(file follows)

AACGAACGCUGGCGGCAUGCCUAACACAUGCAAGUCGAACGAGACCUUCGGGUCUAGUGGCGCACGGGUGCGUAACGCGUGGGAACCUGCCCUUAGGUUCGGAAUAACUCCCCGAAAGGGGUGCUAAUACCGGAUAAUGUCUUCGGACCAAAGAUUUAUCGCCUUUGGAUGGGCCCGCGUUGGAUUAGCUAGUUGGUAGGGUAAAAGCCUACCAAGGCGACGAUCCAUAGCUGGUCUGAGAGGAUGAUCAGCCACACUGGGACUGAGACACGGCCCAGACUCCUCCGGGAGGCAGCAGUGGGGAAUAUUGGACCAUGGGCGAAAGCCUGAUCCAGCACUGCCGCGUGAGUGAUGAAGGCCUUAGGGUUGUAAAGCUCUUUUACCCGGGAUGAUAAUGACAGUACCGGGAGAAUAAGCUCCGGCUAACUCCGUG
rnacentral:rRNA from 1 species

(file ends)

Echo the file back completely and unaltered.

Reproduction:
AACGAACGCUGGCGGCAUGCCUAACACAUGCAAGUCGAACGAGACCUUCGGGUCUAGUGGCGCACGGGUGCGUAACGCGUGGGAACCUGCCCUUAGGUUCGGAAUAACUCCCCGAAAGGGGUGCUAAUACCGGAUAAUGUCUUCGGACCAAAGAUUUAUCGCCUUUGGAUGGGCCCGCGUUGGAUUAGCUAGUUGGUAGGGUAAAAGCCUACCAAGGCGACGAUCCAUAGCUGGUCUGAGAGGAUGAUCAGCCACACUGGGACUGAGACACGGCCCAGACUCCUCCGGGAGGCAGCAGUGGGGAAUAUUGGACCAUGGGCGAAAGCCUGAUCCAGCACUGCCGCGUGAGUGAUGAAGGCCUUAGGGUUGUAAAGCUCUUUUACCCGGGAUGAUAAUGACAGUACCGGGAGAAUAAGCUCCGGCUAACUCCGUG
rnacentral:rRNA from 1 species